She was so good at such a young age, taking the power game to a whole new level and displaying nerves of steel on the biggest stages. And when she returned to the game, she inspired a generation of players and fans all over again. Be it through her style, her resilience or her smile, she has been one of the most popular players in tennis history. And on February 14, 2008, Monica Seles announced her retirement from the sport.
Seles’ rise to fame is well-documented – born in the former Yugoslavia, she relocated to America with her family in 1986 to train at the Bollettieri Tennis Academy, where she practiced for two years before starting to play the Sony Ericsson WTA Tour. Her style of play – powerful two-handed groundstrokes on both sides, acute angles and returning serve from inside the baseline – was a novelty at the time and took her to the very top of the game very quickly, as she became the youngest Roland Garros champion in history in 1990 (at 16 years, 6 months) and, at the time, the youngest No.1 in history on March 11, 1991 (at 17 years, 3 months, since passed by Martina Hingis). She dominated the Tour for the next two years, winning seven more majors and finishing at No.1 in 1991 and 1992.
Seles made an inspirational and successful comeback to tennis in the summer of 1995, winning her 33rd career title in Toronto and making it all the way to the final of the US Open before falling in three exciting sets to one of her greatest rivals, then-No.1 Steffi Graf. Although she won only one major after her return – the Australian Open in 1996, her ninth – Seles was still one of the very best throughout those comeback years, ranking in the Top 10 for all but four weeks between August 14, 1995 and March 17, 2003, building her career title haul up to 53 and notching wins over the players that were winning all of those majors at the time, including Hingis, Lindsay Davenport, both Williams sisters and Jennifer Capriati. Her last major final came at Roland Garros in 1998, just three weeks after the death of her father, Karolj, who had been her coach since the beginning.
Seles’ last season on the Tour came in 2003, her best finishes being finals at Tokyo [Pan Pacific] and Dubai, losing competitive three set matches both times to Davenport and Henin, respectively. She withdrew from all tournaments after Roland Garros due to a left foot injury and over the next few years would keep to exhibition play, not ruling out a comeback to the Tour – until now.
“Tennis has been and will always be a huge part of my life. I have for some time considered a return to professional play, but I have now decided not to pursue that,” Seles said. “I will continue to play exhibitions, participate in charity events and promote the sport, but will no longer plan my schedule around the Sony Ericsson WTA Tour. I look forward to pursuing other opportunities with the same passion and energy that fueled my dedication to tennis and to devoting more time to two of my passions – children and animals. I especially want to thank all my wonderful, loyal fans for all of their support for me over the years. They have inspired me throughout my career in the good times and comforted me in the bad times. I have always been so proud to have such a special group of precious fans to call my very own and felt they were the best an athlete could ever hope to have. I will miss them all as much as I will miss competing in the game of tennis.”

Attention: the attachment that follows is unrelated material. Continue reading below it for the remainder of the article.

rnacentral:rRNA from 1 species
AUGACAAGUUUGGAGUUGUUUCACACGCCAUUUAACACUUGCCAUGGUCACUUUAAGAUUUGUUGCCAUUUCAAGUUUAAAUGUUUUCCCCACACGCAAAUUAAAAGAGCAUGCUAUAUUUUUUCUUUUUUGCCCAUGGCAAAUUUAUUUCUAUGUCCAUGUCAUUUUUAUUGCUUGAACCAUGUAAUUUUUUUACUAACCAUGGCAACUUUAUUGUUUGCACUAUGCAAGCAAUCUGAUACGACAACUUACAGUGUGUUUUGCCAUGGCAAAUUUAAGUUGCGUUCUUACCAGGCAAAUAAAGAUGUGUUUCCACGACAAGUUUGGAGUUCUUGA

“Monica Seles is one of the great champions in the history of the Sony Ericsson WTA Tour, and an inspiration and role model for millions of fans throughout the world,” said Larry Scott, Chairman & CEO of the Sony Ericsson WTA Tour. “No one will ever forget the fierce determination and will to win that Monica brought to the court, nor the caring and warm person that she has always been off the court. Fans of women’s tennis have no shortage of fond Monica memories and of amazing matches and rivalries that Monica was a part of. No doubt, Monica will soon find her rightful place at the International Tennis Hall of Fame for her many accomplishments on the tennis court.”
Also among Seles’ career accomplishments are:
- Holding nine Grand Slam singles titles (four at Australian Open, three at Roland Garros, two at US Open); last one was 1996 Australian Open; last time reaching final was 1998 Roland Garros (just three weeks after father’s death – finished runner-up to SÃ¡nchez-Vicario); last one played was 2003 Roland Garros (lost first round to Nadia Petrova – was last match played).
- Youngest-ever winner of Roland Garros (16 years, 6 months).
- Youngest-ever winner of Tour Championships (16 years, 11 months).
- Holding 53 career Tour singles titles (ninth-most all-time).
- Holding No.1 for 178 non-consecutive weeks (fifth-most all-time); rose to No.1 for first time on March 11, 1991, becoming youngest-ever at the time (now second-youngest, passed by Hingis); year-end No.1 twice (1991, 1992).
- Earning $14,891,762 in career prize money (ninth all-time).
- Member of winning American Fed Cup Teams in 1996, 1999 and 2000.
- Winning seven of eight Grand Slams contested prior to 1993 stabbing; only Graf bettered that with eight of nine between 1988-1990.